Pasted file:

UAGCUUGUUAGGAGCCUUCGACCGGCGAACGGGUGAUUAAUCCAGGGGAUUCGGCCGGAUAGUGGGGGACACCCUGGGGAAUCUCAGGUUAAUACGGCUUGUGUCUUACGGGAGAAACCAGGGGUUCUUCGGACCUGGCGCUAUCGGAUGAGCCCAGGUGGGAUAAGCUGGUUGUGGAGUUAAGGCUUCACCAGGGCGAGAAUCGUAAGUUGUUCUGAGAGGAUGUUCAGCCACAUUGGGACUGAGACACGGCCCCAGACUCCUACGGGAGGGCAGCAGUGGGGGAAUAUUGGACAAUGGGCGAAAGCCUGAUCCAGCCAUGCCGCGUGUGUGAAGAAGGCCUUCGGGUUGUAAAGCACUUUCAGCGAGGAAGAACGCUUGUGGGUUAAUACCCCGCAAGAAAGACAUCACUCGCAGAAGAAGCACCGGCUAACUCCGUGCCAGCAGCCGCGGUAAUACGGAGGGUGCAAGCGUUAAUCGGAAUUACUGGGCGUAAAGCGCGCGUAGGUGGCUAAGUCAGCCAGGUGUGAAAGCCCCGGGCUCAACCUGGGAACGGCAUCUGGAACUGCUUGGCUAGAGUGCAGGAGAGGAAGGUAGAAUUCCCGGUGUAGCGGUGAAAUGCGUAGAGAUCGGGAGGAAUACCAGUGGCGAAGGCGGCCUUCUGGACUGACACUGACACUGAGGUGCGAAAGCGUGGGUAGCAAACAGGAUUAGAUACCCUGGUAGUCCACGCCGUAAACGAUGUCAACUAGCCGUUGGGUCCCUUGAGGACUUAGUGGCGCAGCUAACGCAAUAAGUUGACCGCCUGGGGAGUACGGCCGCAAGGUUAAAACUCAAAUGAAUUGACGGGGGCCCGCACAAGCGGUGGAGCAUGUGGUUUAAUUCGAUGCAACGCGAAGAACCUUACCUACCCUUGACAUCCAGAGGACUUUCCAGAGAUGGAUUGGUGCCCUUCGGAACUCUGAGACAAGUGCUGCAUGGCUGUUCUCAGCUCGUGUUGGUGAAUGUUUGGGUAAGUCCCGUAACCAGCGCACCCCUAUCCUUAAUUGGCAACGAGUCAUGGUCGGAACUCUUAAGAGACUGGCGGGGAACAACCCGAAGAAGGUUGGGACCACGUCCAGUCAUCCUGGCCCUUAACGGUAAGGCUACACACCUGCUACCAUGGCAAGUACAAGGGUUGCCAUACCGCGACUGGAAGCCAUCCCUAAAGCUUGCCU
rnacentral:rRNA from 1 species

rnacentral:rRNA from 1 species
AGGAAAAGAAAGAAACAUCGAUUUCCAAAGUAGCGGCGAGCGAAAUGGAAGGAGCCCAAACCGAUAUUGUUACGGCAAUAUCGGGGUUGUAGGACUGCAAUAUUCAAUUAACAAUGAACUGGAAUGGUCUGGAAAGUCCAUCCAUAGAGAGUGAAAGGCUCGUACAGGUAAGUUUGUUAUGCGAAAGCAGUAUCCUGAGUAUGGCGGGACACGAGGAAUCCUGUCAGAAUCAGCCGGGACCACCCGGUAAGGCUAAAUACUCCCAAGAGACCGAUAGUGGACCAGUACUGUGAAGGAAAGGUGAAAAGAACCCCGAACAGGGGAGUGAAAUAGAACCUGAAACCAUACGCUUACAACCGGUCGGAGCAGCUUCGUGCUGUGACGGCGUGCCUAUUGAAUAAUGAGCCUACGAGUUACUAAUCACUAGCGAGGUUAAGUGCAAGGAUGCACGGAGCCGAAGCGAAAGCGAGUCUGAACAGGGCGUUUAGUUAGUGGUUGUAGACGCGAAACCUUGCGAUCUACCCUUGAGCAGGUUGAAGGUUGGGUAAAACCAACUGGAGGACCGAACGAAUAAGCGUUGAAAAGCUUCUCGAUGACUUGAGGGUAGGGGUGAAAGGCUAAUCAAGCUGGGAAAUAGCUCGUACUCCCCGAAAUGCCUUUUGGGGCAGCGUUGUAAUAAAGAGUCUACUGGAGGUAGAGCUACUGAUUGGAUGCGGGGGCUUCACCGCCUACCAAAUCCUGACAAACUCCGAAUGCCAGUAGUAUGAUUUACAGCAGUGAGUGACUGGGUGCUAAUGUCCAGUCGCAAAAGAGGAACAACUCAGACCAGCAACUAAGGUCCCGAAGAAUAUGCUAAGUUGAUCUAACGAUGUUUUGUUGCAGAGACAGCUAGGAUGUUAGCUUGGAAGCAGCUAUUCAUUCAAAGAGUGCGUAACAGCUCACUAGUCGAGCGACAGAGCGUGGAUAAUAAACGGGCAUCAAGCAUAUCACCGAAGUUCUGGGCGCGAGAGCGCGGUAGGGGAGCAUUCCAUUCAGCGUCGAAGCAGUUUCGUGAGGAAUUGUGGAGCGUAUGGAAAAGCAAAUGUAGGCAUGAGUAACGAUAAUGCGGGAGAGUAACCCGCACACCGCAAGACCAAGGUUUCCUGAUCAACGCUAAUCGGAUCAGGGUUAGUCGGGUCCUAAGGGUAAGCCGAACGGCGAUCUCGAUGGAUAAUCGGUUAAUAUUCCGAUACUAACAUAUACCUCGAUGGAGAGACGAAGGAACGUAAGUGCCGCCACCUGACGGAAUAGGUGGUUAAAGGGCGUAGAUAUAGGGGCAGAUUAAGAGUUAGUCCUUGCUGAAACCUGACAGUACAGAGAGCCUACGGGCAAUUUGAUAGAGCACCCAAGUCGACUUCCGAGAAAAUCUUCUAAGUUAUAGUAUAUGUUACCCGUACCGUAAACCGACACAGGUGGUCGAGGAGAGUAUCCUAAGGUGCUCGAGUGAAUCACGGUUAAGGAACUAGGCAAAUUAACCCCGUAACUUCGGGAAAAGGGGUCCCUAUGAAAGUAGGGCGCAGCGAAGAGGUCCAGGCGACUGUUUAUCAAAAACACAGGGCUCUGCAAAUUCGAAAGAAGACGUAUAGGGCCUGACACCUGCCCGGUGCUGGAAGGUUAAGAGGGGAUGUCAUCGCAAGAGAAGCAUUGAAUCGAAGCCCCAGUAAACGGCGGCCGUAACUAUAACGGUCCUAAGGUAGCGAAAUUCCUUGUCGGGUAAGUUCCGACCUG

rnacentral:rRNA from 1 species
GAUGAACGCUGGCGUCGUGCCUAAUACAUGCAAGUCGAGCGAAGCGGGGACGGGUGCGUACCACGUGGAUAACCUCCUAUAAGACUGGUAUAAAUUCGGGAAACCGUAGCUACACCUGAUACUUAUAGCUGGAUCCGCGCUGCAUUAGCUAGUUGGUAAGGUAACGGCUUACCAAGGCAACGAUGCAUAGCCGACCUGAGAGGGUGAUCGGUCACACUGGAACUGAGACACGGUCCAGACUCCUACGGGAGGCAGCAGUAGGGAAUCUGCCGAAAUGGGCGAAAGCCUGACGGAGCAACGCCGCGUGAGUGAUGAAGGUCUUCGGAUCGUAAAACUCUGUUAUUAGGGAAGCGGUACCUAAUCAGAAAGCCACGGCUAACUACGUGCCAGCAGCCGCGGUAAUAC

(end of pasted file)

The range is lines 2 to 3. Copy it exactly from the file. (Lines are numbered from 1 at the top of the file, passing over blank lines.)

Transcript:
rnacentral:rRNA from 1 species

rnacentral:rRNA from 1 species